In 2006, Ball and 84 other evangelical leaders launched the Environmental Climate Initiative, reported in the New York Times and elsewhere.

Bill Moyers' PBS website, "On Faith & Reason," provides a brief history of the debate within the Evangelical community over environmental stewardship vs. dominion  including links to key documents.

Also, see Interfaith Power and Light:  a Religious Response to Global Warming, which has active chapters or affiliates in many states, such as Earth Ministry in Seattle.

Short quotes on religious stewardship from various, mostly Western, traditions, can be found at http://www.stthomas.edu/recycle/steward.htm.  

 

This 5-minute clip begins with these opening credits:

FutureFlix:   The Movies of Tomorrow Today!   You ordered:

Climate:  A Crisis Averted.    A riveting documentary on how human beings overcame the greatest challenge the species ever faced.

The accompanying blurb continues:

"Climate: A Crisis Averted looks back from 2056 and recounts how ordinary citizens in 2006 -- realizing that global warming was a scientific fact and not a climatic theory -- take action to demand clean energy and other planet-friendly options. The movie describes how a movement called RenewUS effected real change with an action plan, or 'call-to-arms' on global warming."

Try to look past the date (it's several years old already) and the organization (which has not made no a big splash) to consider the technique:   visualizing success.

Visualizing success is a well-established, proven method for improving performance in many fields, including sports, performance arts, management, sales, and negotiations.   We all tend to "move toward" whatever we focus our attention on, even when it is something we don't want.  (I saw this most concretely as a youth soccer coach; kids generally shoot at wherever they look directly at, often right into the hands of the goalkeeper.)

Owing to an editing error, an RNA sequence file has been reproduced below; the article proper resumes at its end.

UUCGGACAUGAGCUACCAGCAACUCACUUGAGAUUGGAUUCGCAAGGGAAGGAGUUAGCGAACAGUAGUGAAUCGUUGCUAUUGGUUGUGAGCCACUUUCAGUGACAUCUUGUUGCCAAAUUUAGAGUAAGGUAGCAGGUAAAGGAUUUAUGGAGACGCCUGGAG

Another way of saying it: "We may not always get what we deserve, but we usually get what we expect."

This perspective provides one more reason to never leave an audience stuck in "doom and gloom."   If we can't imagine success, as convincingly as the threat of disasters, can we persuade anybody to follow us there?

 

 

 

See the linked sites ClimateConservative.org, a joint project of Republicans for Environmental Protection and ConvervAmerica.

Lots of ammo on their site for how to speak effectively to conservatives, including articles such as "What Would Reagan Do About Climate?"    Lots of quotes from famous conservtives including Edmund Burke, Teddy Roosevelt, Reagan, Schultz, Goldwater, et al. The article  "How to Be a Climate Conservative" develops in more detail the following principles.

  • Honestly examine the science.
  • Think for yourself.
  • Don't let Al Gore get in the way.
  • Consider all the reasons to act.
  • Support meaningful solutions.
  • Conserve.    "Waste is not a conservative value."

Also, see "Retired Republicans Quietly Try to Shift GOP Climate Change Focus" (National Journal, 9-30-11)